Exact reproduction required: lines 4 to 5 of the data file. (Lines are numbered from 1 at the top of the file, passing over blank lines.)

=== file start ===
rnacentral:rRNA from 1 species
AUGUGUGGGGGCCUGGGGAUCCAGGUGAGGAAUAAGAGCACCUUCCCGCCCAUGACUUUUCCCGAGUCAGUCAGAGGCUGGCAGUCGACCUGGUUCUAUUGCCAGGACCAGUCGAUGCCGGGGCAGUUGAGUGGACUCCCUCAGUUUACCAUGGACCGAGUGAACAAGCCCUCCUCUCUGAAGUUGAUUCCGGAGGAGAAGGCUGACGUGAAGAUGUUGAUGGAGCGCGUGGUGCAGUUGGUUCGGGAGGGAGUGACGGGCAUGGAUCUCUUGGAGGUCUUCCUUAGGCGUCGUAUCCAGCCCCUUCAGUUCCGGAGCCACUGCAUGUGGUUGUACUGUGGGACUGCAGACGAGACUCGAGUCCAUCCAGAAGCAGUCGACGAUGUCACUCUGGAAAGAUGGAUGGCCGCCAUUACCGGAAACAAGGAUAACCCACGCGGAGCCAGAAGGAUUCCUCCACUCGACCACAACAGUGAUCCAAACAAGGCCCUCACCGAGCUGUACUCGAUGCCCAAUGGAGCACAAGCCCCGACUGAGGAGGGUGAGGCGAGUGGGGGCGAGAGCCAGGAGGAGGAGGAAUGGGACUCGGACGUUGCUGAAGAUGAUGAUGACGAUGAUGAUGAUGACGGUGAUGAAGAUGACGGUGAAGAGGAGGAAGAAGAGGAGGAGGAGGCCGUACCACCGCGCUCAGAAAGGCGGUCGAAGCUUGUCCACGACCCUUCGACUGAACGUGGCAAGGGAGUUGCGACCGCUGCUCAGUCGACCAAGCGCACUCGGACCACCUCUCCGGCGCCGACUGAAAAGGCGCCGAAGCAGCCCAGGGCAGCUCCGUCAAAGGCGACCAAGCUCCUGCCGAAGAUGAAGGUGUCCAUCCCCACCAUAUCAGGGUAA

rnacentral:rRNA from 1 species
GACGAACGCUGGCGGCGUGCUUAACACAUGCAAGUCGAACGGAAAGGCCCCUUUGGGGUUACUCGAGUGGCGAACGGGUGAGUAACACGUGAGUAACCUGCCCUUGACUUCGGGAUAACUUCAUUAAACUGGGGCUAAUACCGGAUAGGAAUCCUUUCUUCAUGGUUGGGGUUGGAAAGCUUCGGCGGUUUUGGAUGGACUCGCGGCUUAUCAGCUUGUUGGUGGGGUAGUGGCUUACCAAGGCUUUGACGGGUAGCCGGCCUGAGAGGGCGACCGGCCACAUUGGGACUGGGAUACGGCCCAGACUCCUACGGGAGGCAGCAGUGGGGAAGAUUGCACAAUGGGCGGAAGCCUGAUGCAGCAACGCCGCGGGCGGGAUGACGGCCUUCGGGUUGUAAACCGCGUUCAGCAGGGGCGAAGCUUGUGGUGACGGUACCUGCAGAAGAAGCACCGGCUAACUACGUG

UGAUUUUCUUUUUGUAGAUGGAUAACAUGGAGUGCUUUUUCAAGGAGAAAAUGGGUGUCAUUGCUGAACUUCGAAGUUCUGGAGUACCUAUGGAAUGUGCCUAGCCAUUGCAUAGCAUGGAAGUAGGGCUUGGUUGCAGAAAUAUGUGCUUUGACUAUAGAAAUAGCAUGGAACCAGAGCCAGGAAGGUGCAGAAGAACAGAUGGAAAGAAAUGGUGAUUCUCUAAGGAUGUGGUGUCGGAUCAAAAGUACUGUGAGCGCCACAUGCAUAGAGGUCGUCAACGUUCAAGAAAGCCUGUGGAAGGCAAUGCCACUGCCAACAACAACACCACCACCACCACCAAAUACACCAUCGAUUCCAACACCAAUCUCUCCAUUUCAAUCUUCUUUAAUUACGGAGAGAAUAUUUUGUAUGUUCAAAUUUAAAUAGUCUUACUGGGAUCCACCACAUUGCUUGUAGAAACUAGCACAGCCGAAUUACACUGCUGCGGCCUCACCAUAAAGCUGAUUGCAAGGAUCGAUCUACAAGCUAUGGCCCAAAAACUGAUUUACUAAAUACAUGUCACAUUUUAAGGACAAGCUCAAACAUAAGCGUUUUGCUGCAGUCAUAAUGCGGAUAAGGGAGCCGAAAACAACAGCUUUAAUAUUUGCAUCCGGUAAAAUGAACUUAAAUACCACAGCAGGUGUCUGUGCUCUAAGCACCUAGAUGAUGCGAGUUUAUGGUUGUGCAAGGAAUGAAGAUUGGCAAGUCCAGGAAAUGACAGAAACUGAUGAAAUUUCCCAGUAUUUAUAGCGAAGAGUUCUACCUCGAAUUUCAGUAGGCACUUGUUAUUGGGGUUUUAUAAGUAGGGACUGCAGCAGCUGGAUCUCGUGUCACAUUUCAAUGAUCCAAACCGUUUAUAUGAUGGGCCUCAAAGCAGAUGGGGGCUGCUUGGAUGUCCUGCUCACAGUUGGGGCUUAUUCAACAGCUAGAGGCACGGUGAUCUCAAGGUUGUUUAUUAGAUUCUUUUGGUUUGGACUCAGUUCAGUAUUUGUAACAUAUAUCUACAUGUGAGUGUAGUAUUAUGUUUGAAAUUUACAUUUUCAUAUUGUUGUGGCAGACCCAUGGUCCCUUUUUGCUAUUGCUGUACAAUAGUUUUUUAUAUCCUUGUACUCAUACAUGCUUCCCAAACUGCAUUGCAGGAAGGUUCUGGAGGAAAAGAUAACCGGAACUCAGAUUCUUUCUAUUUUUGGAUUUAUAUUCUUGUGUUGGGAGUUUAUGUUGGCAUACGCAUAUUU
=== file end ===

GACGAACGCUGGCGGCGUGCUUAACACAUGCAAGUCGAACGGAAAGGCCCCUUUGGGGUUACUCGAGUGGCGAACGGGUGAGUAACACGUGAGUAACCUGCCCUUGACUUCGGGAUAACUUCAUUAAACUGGGGCUAAUACCGGAUAGGAAUCCUUUCUUCAUGGUUGGGGUUGGAAAGCUUCGGCGGUUUUGGAUGGACUCGCGGCUUAUCAGCUUGUUGGUGGGGUAGUGGCUUACCAAGGCUUUGACGGGUAGCCGGCCUGAGAGGGCGACCGGCCACAUUGGGACUGGGAUACGGCCCAGACUCCUACGGGAGGCAGCAGUGGGGAAGAUUGCACAAUGGGCGGAAGCCUGAUGCAGCAACGCCGCGGGCGGGAUGACGGCCUUCGGGUUGUAAACCGCGUUCAGCAGGGGCGAAGCUUGUGGUGACGGUACCUGCAGAAGAAGCACCGGCUAACUACGUG

UGAUUUUCUUUUUGUAGAUGGAUAACAUGGAGUGCUUUUUCAAGGAGAAAAUGGGUGUCAUUGCUGAACUUCGAAGUUCUGGAGUACCUAUGGAAUGUGCCUAGCCAUUGCAUAGCAUGGAAGUAGGGCUUGGUUGCAGAAAUAUGUGCUUUGACUAUAGAAAUAGCAUGGAACCAGAGCCAGGAAGGUGCAGAAGAACAGAUGGAAAGAAAUGGUGAUUCUCUAAGGAUGUGGUGUCGGAUCAAAAGUACUGUGAGCGCCACAUGCAUAGAGGUCGUCAACGUUCAAGAAAGCCUGUGGAAGGCAAUGCCACUGCCAACAACAACACCACCACCACCACCAAAUACACCAUCGAUUCCAACACCAAUCUCUCCAUUUCAAUCUUCUUUAAUUACGGAGAGAAUAUUUUGUAUGUUCAAAUUUAAAUAGUCUUACUGGGAUCCACCACAUUGCUUGUAGAAACUAGCACAGCCGAAUUACACUGCUGCGGCCUCACCAUAAAGCUGAUUGCAAGGAUCGAUCUACAAGCUAUGGCCCAAAAACUGAUUUACUAAAUACAUGUCACAUUUUAAGGACAAGCUCAAACAUAAGCGUUUUGCUGCAGUCAUAAUGCGGAUAAGGGAGCCGAAAACAACAGCUUUAAUAUUUGCAUCCGGUAAAAUGAACUUAAAUACCACAGCAGGUGUCUGUGCUCUAAGCACCUAGAUGAUGCGAGUUUAUGGUUGUGCAAGGAAUGAAGAUUGGCAAGUCCAGGAAAUGACAGAAACUGAUGAAAUUUCCCAGUAUUUAUAGCGAAGAGUUCUACCUCGAAUUUCAGUAGGCACUUGUUAUUGGGGUUUUAUAAGUAGGGACUGCAGCAGCUGGAUCUCGUGUCACAUUUCAAUGAUCCAAACCGUUUAUAUGAUGGGCCUCAAAGCAGAUGGGGGCUGCUUGGAUGUCCUGCUCACAGUUGGGGCUUAUUCAACAGCUAGAGGCACGGUGAUCUCAAGGUUGUUUAUUAGAUUCUUUUGGUUUGGACUCAGUUCAGUAUUUGUAACAUAUAUCUACAUGUGAGUGUAGUAUUAUGUUUGAAAUUUACAUUUUCAUAUUGUUGUGGCAGACCCAUGGUCCCUUUUUGCUAUUGCUGUACAAUAGUUUUUUAUAUCCUUGUACUCAUACAUGCUUCCCAAACUGCAUUGCAGGAAGGUUCUGGAGGAAAAGAUAACCGGAACUCAGAUUCUUUCUAUUUUUGGAUUUAUAUUCUUGUGUUGGGAGUUUAUGUUGGCAUACGCAUAUUU